This fascinated me, so I started to look it up (in the middle of the night, of course, because of that pesky workload…). It seems that yes, the literature on this portrait does often stress the chastity element, but with a crucial link to statesmanship. Some people see it as a warning against love and passion, or as an indication that the Virgin Queen has spurned personal relationships because she has a grander destiny, like Aeneas. But other articles (a minority, from what I could see) advocate an identification of Elizabeth with Dido (or to use her other name, Elissa), who was known as a wise and powerful queen – right up until her passion for Aeneas sent her off track. This, it is suggested, is the moral: that Elizabeth is Elissa as she should have been, and as she would have been if Aeneas and his mother Venus hadn’t come along.

This is linked by some people to Boccaccio and Petrarch, both of whom present Dido as a univira faithful to the memory of her dead husband. So it might be more appropriate to say that maybe here Elizabeth is being compared to Dido as she would have been if Virgil hadn’t come along.

I’m intrigued by the idea that the Elizabethan court may have been a circle of Virgil-deniers who were rooting for Dido. But like all of our discussions about reception, this one is open to the charge of over-interpretation. Was there a secret message in the Sieve Portrait: or was the story of Dido and Aeneas just a story that was popular at the time?


That’s what I was doing (alongside my marking, because, you know, my workload…) when I ran across this article in today’s Guardian (with a more detailed version in the TLS). It’s like an early Christmas present, especially for Tacitus fans like me! A translation of Tacitus believed to be by Elizabeth I herself has just been identified.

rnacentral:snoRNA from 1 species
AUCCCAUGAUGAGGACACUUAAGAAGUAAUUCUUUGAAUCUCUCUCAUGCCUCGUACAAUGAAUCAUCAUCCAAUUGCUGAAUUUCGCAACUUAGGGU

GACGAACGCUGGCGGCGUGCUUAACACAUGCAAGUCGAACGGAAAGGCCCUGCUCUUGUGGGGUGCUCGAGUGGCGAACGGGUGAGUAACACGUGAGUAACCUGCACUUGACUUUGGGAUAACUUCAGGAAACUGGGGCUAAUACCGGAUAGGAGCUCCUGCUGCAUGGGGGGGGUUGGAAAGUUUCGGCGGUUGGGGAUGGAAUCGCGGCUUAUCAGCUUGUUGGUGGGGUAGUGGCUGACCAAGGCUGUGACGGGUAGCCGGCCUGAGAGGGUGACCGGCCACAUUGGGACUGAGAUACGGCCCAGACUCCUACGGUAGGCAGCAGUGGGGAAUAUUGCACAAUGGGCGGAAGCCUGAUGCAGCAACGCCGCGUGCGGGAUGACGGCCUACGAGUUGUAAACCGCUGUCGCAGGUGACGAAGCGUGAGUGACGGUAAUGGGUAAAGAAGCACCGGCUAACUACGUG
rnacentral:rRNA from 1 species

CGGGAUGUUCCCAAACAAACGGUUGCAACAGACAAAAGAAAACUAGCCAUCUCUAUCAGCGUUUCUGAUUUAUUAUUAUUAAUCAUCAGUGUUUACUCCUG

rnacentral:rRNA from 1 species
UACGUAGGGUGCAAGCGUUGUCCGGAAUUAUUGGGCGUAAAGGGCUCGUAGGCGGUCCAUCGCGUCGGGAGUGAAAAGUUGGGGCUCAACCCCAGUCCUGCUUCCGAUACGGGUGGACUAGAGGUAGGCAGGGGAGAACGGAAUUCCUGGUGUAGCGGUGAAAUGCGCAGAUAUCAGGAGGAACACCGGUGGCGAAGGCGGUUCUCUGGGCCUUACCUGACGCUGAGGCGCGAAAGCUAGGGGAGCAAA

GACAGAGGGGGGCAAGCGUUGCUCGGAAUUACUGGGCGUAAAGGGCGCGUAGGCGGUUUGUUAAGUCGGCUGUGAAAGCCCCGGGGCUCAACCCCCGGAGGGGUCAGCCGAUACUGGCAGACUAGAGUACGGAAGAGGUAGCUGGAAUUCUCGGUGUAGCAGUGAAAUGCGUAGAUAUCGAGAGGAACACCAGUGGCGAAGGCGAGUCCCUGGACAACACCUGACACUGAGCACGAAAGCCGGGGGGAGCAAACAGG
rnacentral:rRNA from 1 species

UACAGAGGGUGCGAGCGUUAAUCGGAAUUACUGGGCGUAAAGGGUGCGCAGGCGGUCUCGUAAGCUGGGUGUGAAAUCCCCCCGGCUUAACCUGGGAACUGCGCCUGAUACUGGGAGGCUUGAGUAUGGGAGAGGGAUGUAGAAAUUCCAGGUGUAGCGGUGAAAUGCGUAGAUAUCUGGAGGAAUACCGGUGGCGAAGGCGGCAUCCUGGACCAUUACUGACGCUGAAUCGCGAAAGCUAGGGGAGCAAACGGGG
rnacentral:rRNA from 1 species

The translation itself seems to have been recorded by a scribe, but the notes and corrections are in Queen Elizabeth’s own – and distinctively messy – hand. She evidently knew her classical literature, and loved it enough to spend her spare time (and I’m guessing she didn’t have much of that, because of her workload…) translating Tacitus just for fun.

The TLS article about this comments on Elizabeth’s translation style:

With its vigorous colloquialism and succinct turns of phrase, the Tacitus translation exemplifies the queen’s approach to translation more generally. In Elizabeth’s version, Augustus “garboiled the olde soldiers by gyftes”, while Lepidus “by sluggy age went to wracke”. Compared with the more common form “sluggish”, “sluggy” was rare in English of the sixteenth century, appearing only four times in texts published between 1550 and 1600. It was, however, a favourite of Elizabeth’s, and can also be found in her Boethius, where she has “sluggy lust” and “sluggy flames”.

I am now planning to use ‘sluggy’ and ‘garboiled’ in conversation whenever I possibly can. Or possibly in assignment feedback…


It’s intriguing to think of how Roman literature must have seemed to a woman in Elizabeth’s position. Today it’s easy to find things to recognise in Tacitus’ narrative of political machinations and nastiness, of course – but to Elizabeth it must all have seemed disturbingly familiar. The Annals to her may have been a practical guide to What Not To Do When You’re An Autocrat.

Given the extent of her familiarity with Roman literature, I’m now happy to hop on board with any theories about the Dido and Aeneas connections. I also want to learn more about Elizabeth, then go through her translation of Tacitus in detail to identify places where it might have influenced her policy or her speeches.

Sadly I can’t.

Did I mention my workload…?!




This week’s links from around the internet

(not a lot this week, because of my workload…)


From the archives

Black Friday thoughts – Classical Studies Support




Trafficking in artefacts – The Guardian